Making Oceans Plastic Free - Project tackles the problem of plastic pollution in the oceans
31.05.2017 | Leibniz-Zentrum für Marine Tropenforschung (ZMT)
Nitrogen Oxides Emissions: Traffic Dramatically Underestimated as Major Polluter
31.05.2017 | Universität Innsbruck
Heatwaves in the Arctic, longer periods of vegetation in Europe, severe floods in West Africa – starting in 2021, scientists want to explore the emissions of the greenhouse gas methane with the German-French satellite MERLIN. This is made possible by a new robust laser system of the Fraunhofer Institute for Laser Technology ILT in Aachen, which achieves unprecedented measurement accuracy.
Methane is primarily the result of the decomposition of organic matter. The gas has a 25 times greater warming potential than carbon dioxide, but is not as...
Hydrogen is regarded as the energy source of the future: It is produced with solar power and can be used to generate heat and electricity in fuel cells. Empa researchers have now succeeded in decoding the movement of hydrogen ions in crystals – a key step towards more efficient energy conversion in the hydrogen industry of tomorrow.
As charge carriers, electrons and ions play the leading role in electrochemical energy storage devices and converters such as batteries and fuel cells. Proton...
Scientists from the Excellence Cluster Universe at the Ludwig-Maximilians-Universität Munich have establised "Cosmowebportal", a unique data centre for cosmological simulations located at the Leibniz Supercomputing Centre (LRZ) of the Bavarian Academy of Sciences. The complete results of a series of large hydrodynamical cosmological simulations are available, with data volumes typically exceeding several hundred terabytes. Scientists worldwide can interactively explore these complex simulations via a web interface and directly access the results.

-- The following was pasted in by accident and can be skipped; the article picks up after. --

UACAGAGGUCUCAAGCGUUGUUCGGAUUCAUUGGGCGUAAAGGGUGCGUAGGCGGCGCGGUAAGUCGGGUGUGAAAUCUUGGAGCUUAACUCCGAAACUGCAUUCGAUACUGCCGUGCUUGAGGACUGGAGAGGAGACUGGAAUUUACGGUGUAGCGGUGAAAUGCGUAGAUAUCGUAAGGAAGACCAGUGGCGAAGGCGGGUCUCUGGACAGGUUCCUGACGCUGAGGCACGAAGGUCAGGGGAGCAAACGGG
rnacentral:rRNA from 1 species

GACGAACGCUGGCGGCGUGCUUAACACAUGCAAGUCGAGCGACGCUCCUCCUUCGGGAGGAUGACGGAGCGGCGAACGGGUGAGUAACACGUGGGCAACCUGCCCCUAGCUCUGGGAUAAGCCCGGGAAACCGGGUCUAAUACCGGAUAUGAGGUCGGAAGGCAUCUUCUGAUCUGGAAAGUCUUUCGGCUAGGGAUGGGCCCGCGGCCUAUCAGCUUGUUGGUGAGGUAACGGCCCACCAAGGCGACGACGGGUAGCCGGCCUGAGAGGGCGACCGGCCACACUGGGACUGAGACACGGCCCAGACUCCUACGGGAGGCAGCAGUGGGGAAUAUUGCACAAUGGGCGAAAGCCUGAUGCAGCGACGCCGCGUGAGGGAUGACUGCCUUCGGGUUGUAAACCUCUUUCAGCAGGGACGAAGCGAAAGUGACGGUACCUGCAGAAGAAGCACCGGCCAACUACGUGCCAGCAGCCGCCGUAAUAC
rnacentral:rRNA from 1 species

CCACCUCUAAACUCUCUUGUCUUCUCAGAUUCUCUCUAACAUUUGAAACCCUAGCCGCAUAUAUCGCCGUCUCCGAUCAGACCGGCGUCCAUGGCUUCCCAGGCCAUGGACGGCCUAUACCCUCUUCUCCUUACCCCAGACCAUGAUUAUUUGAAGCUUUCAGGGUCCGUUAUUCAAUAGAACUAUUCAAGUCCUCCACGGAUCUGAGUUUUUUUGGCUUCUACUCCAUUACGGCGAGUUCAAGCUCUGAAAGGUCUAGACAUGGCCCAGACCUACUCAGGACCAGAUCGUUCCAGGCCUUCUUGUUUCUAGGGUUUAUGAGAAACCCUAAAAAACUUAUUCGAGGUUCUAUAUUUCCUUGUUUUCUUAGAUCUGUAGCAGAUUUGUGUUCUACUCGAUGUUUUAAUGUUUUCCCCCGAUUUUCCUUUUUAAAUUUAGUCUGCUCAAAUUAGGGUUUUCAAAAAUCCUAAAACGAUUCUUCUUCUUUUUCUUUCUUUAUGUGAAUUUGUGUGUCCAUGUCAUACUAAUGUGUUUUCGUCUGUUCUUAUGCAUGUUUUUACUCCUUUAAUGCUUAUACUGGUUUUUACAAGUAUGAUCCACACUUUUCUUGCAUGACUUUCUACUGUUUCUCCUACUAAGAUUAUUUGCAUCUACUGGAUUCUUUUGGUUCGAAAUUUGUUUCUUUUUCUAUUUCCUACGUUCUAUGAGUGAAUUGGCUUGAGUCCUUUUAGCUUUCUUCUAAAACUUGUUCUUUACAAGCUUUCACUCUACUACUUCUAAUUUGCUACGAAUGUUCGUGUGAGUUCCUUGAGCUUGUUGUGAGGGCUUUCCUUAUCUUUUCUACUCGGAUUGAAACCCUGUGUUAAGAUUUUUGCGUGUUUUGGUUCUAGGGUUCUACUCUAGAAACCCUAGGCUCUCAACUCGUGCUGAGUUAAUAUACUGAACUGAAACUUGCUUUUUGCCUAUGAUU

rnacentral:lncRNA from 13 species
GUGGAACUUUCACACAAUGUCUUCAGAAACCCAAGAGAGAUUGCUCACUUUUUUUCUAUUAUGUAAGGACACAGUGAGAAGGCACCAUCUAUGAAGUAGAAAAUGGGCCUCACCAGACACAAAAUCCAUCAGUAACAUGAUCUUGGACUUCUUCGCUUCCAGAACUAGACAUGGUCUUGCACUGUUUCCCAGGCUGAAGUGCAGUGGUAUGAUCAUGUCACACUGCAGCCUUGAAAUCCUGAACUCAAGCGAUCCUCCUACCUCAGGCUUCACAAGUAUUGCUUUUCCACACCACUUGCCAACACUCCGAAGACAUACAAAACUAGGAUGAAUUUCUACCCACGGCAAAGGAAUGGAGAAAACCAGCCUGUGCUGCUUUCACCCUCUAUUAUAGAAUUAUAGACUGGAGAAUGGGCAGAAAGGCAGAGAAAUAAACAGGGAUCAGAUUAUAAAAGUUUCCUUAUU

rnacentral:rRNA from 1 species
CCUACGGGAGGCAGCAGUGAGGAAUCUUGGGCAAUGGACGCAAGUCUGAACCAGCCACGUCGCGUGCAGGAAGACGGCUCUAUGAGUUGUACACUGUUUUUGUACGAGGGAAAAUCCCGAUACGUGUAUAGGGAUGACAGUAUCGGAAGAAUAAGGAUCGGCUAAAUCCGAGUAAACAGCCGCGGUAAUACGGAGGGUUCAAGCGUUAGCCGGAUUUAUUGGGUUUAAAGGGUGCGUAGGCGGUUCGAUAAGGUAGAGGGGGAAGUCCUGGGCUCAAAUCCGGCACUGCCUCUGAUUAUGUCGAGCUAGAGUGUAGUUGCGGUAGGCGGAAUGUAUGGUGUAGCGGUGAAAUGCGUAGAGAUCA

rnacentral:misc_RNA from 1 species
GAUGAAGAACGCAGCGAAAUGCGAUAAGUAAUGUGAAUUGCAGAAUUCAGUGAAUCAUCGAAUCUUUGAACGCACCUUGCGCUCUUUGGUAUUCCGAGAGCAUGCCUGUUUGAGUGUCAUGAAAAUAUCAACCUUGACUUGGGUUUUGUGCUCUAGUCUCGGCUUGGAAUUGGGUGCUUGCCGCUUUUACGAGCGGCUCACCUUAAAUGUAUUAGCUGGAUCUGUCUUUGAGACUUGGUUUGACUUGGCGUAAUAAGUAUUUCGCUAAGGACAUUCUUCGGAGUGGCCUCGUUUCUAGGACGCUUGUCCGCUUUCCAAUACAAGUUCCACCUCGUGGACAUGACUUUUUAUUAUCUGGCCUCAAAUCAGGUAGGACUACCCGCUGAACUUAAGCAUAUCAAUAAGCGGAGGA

With current telescopes, scientists can observe our Universe’s galaxies and galaxy clusters and their distribution along an invisible cosmic web. From the...
Temperature measurements possible even on the smallest scale / Molecular ruby for use in material sciences, biology, and medicine
Chemists at Johannes Gutenberg University Mainz (JGU) in cooperation with researchers of the German Federal Institute for Materials Research and Testing (BAM)...
Germany counts high-precision manufacturing processes among its advantages as a location. It’s not just the aerospace and automotive industries that require almost waste-free, high-precision manufacturing to provide an efficient way of testing the shape and orientation tolerances of products. Since current inline measurement technology not yet provides the required accuracy, the Fraunhofer Institute for Laser Technology ILT is collaborating with four renowned industry partners in the INSPIRE project to develop inline sensors with a new accuracy class. Funded by the German Federal Ministry of Education and Research (BMBF), the project is scheduled to run until the end of 2019.
New Manufacturing Technologies for New Products
19.06.2017 | Event News
13.06.2017 | Event News
13.06.2017 | Event News
22.06.2017 | Life Sciences
22.06.2017 | Materials Sciences
22.06.2017 | Materials Sciences